4 1) Note that p p! but p (p 1)! any Sylow is generated by a pcycle (i 1,..., i p ) S p. The number of such cycles is (p 1)!. Some of the generators generate the same group. The nunber of generators in Z p is p 1. Thus n p (S p ) = (p 1)! p 1 = (p 2)! 2) Note that GL(2, F p = (p 2 1)(p 2 p) SL(2, F p = (p2 1)(p 2 p) p 1 1). The set form a psubgroup. Its normalizer is prove it! Then n p (SL(2, F p )) = p + 1. Problem 8 Find 1. Z(SL(3, R)). 2. Z(SL(3, C)) 1 a { 0 1 a F p} b a { 0 b 1 a F p, b F p} = p(p 1)(p+ Proof. If a SL(3, K), K = R, C then a is a scalar matrix. Note that Z(SL(3, C)) is defined by algebraic equations. Z(SL(3, R)) is the real locus(subset of points invariant under complex conjugation). The statement follows from the statement for SL(3, C). If g SL(3, C) has no Jordan blocks and two distinct eigenvalues construct h SL(3, C) such that gh hg as a cyclic permutation of eigenvectors. In case when we do have Jordan blocks take h = g t. For scalar matrices equation det(diag(a, a, a)) = a 3 = 1 has one solution a = 1, K = R and three solutions K = C. Problem 9 Let G be a subgroup in S 10 generated by a permutation g =
5 2. g = g = (1, 6, 9)(2, 10)(3, 4, 5, 7, 8) Find all orbits and all stabilizers. Problem 10 Describe all groups that have 1. One conjugacy class. 2. Two conjugacy classes. Proof. a)the group has one element, because 1 Cl G (1) = {1} b) The group has two elements. Indeed G = {1} Cl G (g). Note that Cl G (g) = G 1 = G C G (g) G = C C 1 = C 1 2 Problem 11 Describe the set of left cosets 1. {gso(2, R) g SO(3, R)}, SO(2, R) = {g SO(3, R) that act trivially on xaxis} 2. {gs n 1 g S n }, S n 1 = {g S n that act trivially on k {1,..., n}} Problem 12 Find the centralizer C GL(n,R) (g) where g = diag(λ 1,..., λ n ) if 1. all λ i are distinct. 2. λ 1 = = λ k = a, λ k+1 = = λ n = b, a b Problem 13 Let f be a polynomial in x 1,..., x 4. G f = {σ S 4 f (x σ(1),..., x σ(4) ) = f (x 1,..., x 4 )}. Find G f for a) f = x 1 x 2 + x 3 x 4 ; b) f = x 1 x 2 x 3 ; c) f = x 1 + x 2 ; d) f = x 1 x 2 x 3 x 4 ; e) f = 1 i< j 4(x i x j ). Problem 14 What groups g generated generated by g G are isomorphic 5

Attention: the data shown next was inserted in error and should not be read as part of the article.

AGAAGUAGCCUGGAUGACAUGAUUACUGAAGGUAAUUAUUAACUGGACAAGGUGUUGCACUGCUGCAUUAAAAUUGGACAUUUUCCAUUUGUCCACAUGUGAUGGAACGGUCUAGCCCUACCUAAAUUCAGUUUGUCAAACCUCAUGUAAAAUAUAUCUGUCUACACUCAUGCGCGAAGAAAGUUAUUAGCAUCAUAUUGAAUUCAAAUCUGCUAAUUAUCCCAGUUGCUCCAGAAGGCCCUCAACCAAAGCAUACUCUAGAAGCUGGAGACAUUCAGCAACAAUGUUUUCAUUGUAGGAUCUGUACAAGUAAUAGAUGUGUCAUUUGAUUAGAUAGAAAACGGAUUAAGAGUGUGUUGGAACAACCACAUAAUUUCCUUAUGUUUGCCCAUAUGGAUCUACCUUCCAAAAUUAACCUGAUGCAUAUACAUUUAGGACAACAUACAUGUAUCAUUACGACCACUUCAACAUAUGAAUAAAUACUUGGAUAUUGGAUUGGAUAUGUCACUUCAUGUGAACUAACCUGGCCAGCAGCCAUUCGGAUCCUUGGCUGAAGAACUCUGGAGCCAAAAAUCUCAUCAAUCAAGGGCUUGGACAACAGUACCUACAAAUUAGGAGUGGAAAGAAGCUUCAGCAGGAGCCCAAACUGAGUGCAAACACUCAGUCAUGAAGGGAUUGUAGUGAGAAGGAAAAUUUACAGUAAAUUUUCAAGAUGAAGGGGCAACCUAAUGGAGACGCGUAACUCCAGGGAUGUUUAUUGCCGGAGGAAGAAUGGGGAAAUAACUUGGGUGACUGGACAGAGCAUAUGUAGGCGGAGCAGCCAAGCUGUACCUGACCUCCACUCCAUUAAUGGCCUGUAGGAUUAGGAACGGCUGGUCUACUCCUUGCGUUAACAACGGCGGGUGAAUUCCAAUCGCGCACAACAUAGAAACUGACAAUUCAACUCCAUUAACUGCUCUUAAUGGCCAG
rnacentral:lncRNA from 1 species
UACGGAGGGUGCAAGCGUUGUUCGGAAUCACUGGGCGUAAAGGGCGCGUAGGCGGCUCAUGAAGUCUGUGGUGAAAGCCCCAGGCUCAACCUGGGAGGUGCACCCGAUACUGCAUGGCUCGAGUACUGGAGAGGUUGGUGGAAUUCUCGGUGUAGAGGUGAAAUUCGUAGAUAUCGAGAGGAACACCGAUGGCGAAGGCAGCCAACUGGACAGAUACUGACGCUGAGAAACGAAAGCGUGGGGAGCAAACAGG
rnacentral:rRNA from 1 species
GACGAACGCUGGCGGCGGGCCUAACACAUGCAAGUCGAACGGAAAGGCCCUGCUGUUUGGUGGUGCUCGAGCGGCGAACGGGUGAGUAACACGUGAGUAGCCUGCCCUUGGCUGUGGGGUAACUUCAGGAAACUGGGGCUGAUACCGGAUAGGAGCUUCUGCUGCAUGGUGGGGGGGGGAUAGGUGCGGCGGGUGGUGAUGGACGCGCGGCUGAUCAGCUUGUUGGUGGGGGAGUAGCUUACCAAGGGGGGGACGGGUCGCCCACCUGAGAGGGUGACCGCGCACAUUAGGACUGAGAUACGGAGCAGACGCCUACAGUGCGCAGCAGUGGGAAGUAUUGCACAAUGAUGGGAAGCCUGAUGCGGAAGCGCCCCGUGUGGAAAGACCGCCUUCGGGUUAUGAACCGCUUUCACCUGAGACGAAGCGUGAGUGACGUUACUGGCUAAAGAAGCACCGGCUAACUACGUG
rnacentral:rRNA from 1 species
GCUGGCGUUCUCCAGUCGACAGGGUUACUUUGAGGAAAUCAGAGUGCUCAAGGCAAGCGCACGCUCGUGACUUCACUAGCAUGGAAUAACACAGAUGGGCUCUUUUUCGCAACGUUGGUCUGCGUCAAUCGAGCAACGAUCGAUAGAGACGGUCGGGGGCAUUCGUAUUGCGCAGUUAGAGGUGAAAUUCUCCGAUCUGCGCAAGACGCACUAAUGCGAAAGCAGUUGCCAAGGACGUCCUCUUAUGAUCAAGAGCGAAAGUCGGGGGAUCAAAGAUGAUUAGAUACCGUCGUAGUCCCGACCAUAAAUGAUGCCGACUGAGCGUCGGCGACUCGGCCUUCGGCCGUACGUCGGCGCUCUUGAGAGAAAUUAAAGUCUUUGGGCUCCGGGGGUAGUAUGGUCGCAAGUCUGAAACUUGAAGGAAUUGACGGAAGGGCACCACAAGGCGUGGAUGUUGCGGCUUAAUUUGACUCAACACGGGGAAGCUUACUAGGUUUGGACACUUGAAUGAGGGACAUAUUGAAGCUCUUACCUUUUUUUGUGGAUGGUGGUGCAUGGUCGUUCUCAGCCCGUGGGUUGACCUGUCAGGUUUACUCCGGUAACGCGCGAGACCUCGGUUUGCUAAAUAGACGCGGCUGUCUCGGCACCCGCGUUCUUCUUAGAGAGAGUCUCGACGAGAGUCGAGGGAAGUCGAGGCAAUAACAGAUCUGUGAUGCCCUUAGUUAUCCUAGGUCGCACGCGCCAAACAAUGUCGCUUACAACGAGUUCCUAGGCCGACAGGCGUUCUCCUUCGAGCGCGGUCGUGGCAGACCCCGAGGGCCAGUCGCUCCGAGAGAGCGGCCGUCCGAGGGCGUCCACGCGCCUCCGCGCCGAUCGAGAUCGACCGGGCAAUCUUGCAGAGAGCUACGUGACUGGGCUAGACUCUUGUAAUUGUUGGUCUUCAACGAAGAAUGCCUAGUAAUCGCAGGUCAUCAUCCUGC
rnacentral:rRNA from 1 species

6 1. G = C, g = i; G = GL(2, C), g = i 0 ; 3. G = S 6, g = (3, 2, 6, 5, 1); 4. G = C, g = 2 i; 5. G = R, g = 10; 6. G = C, g = cos( 6π 5 ) + i sin( 6π 5 ); 7. G = Z, g = 3. Problem 15 Is the group O(n, Z) = O(n, R) GL(n, Z) finite. If you answer is in the affirmative, then find O(n, Z). Problem 16 Is the the halfinterval [0, 1) with a binary operation a b equal to the fractional part of a + b a group. If the answer is yes, identify all finite subgroups of order 5. This is a group isomorphic to R/Z {z C z = 1}. The subgroup is the set of elements {e 2πk 5 k Z} Problem 17 Prove that AutS 3 = S 3 Proof. Let G be the group and G k = {g g = k}. The group Aut(G) acts on G k. In our case G = S 3, G 2 = {(12), (23), (13)}, G 3 = {(1, 2, 3), (1, 3, 2)}. We have a homomorphism ψaut(s 3 ) S G2. The map is surjective because inner automorphisms ψ(inn(s 3 )) already generate S G2. Kerψ consists of all µ Aut(S 3 ) that act trivially on G 2. The set G 2 generate S 3 S 3 = Aut(S 3 ). Problem 18 Find the number of conjugasy classes and number of elements in each class for a noncommutative finite group G of order p 3 where p is a prime. 6
7 Proof. We know that Z(G) {1}. The quotient G/Z(G) is not cyclic because G is not commutative. Z(G) = p. If a Z(G) Z(G), a C G (a) C G (a) = p 2. We conclude that if a Z(G) Cl(a) = p. The class equation becomes p 3 = G = Z(G) + g i Cl(g i ) = p + p g i 1 g i 1 = p 2 1. The total number of conjugasy classes is p Z(G) = p 2 + p 1 Problem 19 Is there an infinite group G such that g G k: g k = 1? Proof. G = Q/Z Problem 20 Find all subgroups of a cyclic group of order a) 24;b)100;c) 360; d)125; e)p n p is a prime n Z 1. 7